Meta unveils Voicebox AI: Should we all be worried?

You’ve probably heard about deepfakes for images and videos. Those eerily realistic videos created with AI? Now, it seems Meta (formerly known as Facebook) has developed a new AI model called Voicebox that’s all about audio. It’s like a supercharged text-to-speech system that can create synthetic voices from just a text prompt.

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What is Voicebox?

At its core, Voicebox is an AI model that creates synthetic voices based on simple text prompts. In other words, you give it some text, and it will read it out loud in a voice that sounds human. It’s similar to the text-to-speech function you might use on your phone or computer, but it takes things to a whole new level.

One thing that sets Voicebox apart is its ability to replicate specific voice styles based on a very short audio sample – we’re talking as little as two seconds! This means you could potentially have a synthetic voice that sounds like your favorite celebrity or even your own voice. It’s almost like having a voice actor on demand, ready to read out anything you want in the voice style of your choosing.

Competing AI voice models 

Speechify 

Speechify and ElevenLabs are also players in the text-to-speech game. Speechify is an app that turns any text into audio. It can read books, articles, notes, emails, PDFs, images, and web pages aloud. Speechify also claims to offer voice cloning, voice editing, and voice sampling features. Speechify offers hundreds of free timeless audiobooks, has a desktop app, and is designed to help people with reading disabilities.

The Meta logo on a phone

The Meta logo on a phone (Costfoto/NurPhoto via Getty Images)

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ElevenLabs 

ElevenLabs, on the other hand, is a startup that uses AI to generate synthetic voices with context-relevant emotions and natural language understanding. They offer a platform for creating and customizing high-quality spoken audio in any voice and style for various industries, such as video games, animations, digital assistants, education, entertainment, advertising, and podcasting. They also have a tool for detecting synthetic voices and verifying their authenticity. ElevenLabs works with actors who provide their voice samples and get paid when their voice clones are used. They use proprietary deep learning models to create their AI-delivered speeches.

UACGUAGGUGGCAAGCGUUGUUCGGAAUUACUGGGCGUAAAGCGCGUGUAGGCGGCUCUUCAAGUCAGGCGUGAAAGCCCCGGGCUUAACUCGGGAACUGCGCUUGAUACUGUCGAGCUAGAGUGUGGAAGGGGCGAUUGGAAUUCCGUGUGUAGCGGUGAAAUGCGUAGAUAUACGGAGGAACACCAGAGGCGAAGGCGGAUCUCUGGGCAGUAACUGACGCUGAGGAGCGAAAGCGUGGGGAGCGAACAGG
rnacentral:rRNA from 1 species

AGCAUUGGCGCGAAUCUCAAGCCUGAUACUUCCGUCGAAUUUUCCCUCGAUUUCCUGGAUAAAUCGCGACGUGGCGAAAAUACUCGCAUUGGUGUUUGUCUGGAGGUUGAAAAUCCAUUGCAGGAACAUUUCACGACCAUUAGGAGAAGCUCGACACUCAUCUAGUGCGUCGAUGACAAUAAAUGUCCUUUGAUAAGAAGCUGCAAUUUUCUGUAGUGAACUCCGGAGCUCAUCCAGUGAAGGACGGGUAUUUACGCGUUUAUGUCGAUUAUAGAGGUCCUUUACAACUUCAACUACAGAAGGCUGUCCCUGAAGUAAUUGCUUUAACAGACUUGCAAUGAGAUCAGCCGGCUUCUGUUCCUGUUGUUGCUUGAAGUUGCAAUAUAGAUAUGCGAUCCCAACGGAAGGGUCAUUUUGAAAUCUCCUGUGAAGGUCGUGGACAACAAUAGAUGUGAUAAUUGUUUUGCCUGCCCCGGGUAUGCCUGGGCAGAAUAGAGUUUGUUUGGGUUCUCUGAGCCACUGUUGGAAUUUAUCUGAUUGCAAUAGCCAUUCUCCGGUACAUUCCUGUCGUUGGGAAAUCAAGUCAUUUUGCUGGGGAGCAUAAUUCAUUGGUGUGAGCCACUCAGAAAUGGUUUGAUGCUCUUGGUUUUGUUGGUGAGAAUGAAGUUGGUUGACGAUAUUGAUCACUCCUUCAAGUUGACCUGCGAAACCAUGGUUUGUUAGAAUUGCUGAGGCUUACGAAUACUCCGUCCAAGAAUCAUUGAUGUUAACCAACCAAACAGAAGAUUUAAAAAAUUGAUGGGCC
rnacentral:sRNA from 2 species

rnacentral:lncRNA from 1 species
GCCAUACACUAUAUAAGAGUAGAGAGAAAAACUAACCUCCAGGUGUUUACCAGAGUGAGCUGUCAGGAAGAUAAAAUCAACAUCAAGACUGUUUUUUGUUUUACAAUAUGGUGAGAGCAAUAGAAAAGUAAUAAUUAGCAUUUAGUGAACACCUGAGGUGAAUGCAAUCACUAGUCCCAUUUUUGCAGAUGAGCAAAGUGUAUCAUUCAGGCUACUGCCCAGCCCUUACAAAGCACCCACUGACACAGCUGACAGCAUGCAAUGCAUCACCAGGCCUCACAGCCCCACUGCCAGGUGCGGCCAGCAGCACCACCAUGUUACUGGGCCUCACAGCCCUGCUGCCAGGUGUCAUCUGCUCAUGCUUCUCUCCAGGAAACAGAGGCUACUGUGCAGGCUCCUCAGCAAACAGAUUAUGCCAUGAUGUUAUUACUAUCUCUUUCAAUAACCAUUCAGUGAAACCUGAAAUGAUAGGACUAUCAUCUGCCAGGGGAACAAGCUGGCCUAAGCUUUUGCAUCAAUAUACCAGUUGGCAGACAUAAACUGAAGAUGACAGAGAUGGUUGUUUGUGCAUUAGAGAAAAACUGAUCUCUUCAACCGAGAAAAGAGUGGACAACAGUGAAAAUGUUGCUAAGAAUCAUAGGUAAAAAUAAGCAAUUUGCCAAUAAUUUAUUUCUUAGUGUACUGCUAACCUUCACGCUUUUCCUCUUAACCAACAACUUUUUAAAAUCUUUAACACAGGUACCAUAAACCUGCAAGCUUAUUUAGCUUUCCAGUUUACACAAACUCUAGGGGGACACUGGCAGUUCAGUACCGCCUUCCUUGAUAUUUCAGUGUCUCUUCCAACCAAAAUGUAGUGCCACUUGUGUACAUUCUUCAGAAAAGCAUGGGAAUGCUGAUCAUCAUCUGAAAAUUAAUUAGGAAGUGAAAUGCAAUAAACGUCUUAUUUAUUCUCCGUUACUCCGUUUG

They’re both pretty cool, but they don’t quite have the same versatility as Voicebox, which can mimic real voices from just a few seconds of audio. It’s like comparing a Swiss Army knife to a few really good spoons. They all have their uses, but one is definitely more multipurpose.

The power of Voicebox 

But it’s not just about creating fake voices. Voicebox can also tidy up your audio by removing annoying background noise – let’s say, a dog yapping while you’re trying to record. And it’s not just about English. This AI speaks French, Spanish, German, Polish and Portuguese, too, and can even translate passages from one language to another while keeping the same voice style.

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Meta logo

The Meta (formerly Facebook) logo marks the entrance of their corporate headquarters in Menlo Park, California on November 09, 2022. – Facebook owner Meta will lay off more than 11,000 of its staff in “the most difficult changes we’ve made in Meta’s history,” boss Mark Zuckerberg said on Wednesday.  (JOSH EDELSON/AFP via Getty Images)

Meta’s Voicebox: a breakthrough or a threat? 

Unfortunately, or fortunately, depending on where you stand regarding AI, Meta isn’t planning to open source Voicebox right away. That’s got people wondering if they’re trying to avoid some potential issues. For example, AI voice tech can be used negatively, like in harassment campaigns. Or, it might be that Meta has some future plans to make some money off this model.

The source of Voicebox’s massive training data